Sometimes, one of the more challenging aspects of hosting visiting artists is deciding what to feed them while here from out of town. Many artists come from different places around the country (sometimes the world) and have specific dietary restrictions or requests. It’s a different animal when we host the Team USA Snows Sculptors, Tom Queoff, Mike Martino, and Mike Sponholtz, for their annual Woodson Art Museum snow sculpture in January.
After 28 years of now-retired curator of exhibitions Andy McGivern catering to the sculptors’ sustenance, the job fell to me to treat them to lunches while they worked on their Victor Vasarely-inspired snow sculpture at the entrance to the Museum’s main parking lot. When I asked what they collectively wanted for lunch the first day, their only answer was “calories.”
Although coworkers and friends have described me as “lanky,” “gangly,” and a “human coat rack,” I love all types of high calorie, extra gluten, extra cheesy, extra crispy, deep fried marvels. Of course, the guys don’t want “calories” because they are gluttonous like I can be. They need calories to sustain themselves during hours of working in single-digit temperatures. Regardless of their need for these foods, I’m more than happy to oblige.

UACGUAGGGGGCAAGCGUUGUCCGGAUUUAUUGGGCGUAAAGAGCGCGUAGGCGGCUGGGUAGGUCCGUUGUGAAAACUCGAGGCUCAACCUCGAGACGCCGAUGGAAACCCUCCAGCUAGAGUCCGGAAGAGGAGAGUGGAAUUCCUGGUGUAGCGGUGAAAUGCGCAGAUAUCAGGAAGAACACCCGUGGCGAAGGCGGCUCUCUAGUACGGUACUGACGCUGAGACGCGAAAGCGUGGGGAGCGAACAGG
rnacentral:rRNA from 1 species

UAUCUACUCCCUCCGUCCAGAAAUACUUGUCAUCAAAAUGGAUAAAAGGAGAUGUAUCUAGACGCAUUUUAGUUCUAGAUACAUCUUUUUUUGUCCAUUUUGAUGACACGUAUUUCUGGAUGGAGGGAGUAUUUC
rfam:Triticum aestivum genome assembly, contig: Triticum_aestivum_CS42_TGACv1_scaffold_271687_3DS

I’ve actually been on a lucky streak lately. When scientific illustrator Jane Kim and woodcarver Josh Guge were in residence at the same time last November, they really wanted fried chicken at a local bowling alley. Be still, my heart. The only thing that could possibly top these recent experiences is if the Museum hosted Fred Flintstone for a stone-carving residency and I ordered up that huge rack of ribs which tipped over the Flintstones’ car.
Of course, there has to be a balance in life. With the accumulation of calories, you also have to burn them off. Fortunately for me, the Museum’s galleries and grounds provide ample opportunity to burn off the excess of a weekend with carnivorous artists. If you need to burn off some calories too, check out the 2019 snow sculpture and Victor Vasarely: Op Art Master, which remains on view at the Woodson through Sunday, February 24. It’s the perfect place to stop after lunch.